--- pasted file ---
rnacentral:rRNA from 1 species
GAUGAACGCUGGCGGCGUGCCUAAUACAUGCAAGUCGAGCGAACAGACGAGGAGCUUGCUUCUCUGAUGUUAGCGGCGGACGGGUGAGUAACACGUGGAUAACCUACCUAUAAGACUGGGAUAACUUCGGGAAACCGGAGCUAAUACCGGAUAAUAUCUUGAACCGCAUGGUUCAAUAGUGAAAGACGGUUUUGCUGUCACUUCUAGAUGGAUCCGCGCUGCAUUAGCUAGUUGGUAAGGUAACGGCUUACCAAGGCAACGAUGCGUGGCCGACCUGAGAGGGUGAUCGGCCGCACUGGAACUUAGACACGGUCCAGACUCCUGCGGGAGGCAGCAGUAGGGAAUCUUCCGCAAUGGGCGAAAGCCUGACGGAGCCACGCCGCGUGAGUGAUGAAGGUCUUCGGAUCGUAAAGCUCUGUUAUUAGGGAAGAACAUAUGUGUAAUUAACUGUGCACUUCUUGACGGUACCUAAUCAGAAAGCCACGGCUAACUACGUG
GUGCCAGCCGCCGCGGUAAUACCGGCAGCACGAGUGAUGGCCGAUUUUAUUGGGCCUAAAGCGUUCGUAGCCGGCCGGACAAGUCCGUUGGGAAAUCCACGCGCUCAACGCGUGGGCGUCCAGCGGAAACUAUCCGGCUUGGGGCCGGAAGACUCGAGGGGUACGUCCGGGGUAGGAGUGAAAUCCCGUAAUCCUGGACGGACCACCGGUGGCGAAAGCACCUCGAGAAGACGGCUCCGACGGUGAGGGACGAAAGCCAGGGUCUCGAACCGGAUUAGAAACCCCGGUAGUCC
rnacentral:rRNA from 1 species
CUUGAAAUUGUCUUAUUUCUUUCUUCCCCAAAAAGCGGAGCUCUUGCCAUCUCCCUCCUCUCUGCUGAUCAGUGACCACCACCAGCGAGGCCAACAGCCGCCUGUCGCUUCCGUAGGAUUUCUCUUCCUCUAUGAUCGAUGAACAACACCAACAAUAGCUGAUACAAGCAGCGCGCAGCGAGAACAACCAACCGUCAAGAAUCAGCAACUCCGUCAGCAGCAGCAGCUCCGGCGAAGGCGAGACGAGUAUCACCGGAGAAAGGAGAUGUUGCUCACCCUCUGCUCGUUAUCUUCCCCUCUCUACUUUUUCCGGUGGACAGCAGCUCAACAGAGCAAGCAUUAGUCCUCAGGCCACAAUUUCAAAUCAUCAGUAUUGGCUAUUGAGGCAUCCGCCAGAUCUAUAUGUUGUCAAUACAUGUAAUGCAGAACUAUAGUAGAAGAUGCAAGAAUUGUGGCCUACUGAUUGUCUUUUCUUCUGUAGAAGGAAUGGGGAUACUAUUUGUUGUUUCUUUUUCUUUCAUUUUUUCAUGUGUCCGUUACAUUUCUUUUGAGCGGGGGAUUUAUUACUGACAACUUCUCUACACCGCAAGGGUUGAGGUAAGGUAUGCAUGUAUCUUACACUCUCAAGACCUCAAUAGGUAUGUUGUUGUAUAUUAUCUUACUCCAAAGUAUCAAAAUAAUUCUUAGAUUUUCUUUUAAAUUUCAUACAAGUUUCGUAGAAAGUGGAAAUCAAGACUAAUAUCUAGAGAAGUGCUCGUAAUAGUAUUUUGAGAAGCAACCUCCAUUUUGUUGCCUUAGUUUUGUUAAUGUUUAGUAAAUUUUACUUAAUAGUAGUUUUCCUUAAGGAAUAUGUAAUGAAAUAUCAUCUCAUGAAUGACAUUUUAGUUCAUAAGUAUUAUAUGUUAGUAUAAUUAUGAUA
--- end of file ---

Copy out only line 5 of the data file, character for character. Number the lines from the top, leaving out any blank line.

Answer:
CUUGAAAUUGUCUUAUUUCUUUCUUCCCCAAAAAGCGGAGCUCUUGCCAUCUCCCUCCUCUCUGCUGAUCAGUGACCACCACCAGCGAGGCCAACAGCCGCCUGUCGCUUCCGUAGGAUUUCUCUUCCUCUAUGAUCGAUGAACAACACCAACAAUAGCUGAUACAAGCAGCGCGCAGCGAGAACAACCAACCGUCAAGAAUCAGCAACUCCGUCAGCAGCAGCAGCUCCGGCGAAGGCGAGACGAGUAUCACCGGAGAAAGGAGAUGUUGCUCACCCUCUGCUCGUUAUCUUCCCCUCUCUACUUUUUCCGGUGGACAGCAGCUCAACAGAGCAAGCAUUAGUCCUCAGGCCACAAUUUCAAAUCAUCAGUAUUGGCUAUUGAGGCAUCCGCCAGAUCUAUAUGUUGUCAAUACAUGUAAUGCAGAACUAUAGUAGAAGAUGCAAGAAUUGUGGCCUACUGAUUGUCUUUUCUUCUGUAGAAGGAAUGGGGAUACUAUUUGUUGUUUCUUUUUCUUUCAUUUUUUCAUGUGUCCGUUACAUUUCUUUUGAGCGGGGGAUUUAUUACUGACAACUUCUCUACACCGCAAGGGUUGAGGUAAGGUAUGCAUGUAUCUUACACUCUCAAGACCUCAAUAGGUAUGUUGUUGUAUAUUAUCUUACUCCAAAGUAUCAAAAUAAUUCUUAGAUUUUCUUUUAAAUUUCAUACAAGUUUCGUAGAAAGUGGAAAUCAAGACUAAUAUCUAGAGAAGUGCUCGUAAUAGUAUUUUGAGAAGCAACCUCCAUUUUGUUGCCUUAGUUUUGUUAAUGUUUAGUAAAUUUUACUUAAUAGUAGUUUUCCUUAAGGAAUAUGUAAUGAAAUAUCAUCUCAUGAAUGACAUUUUAGUUCAUAAGUAUUAUAUGUUAGUAUAAUUAUGAUA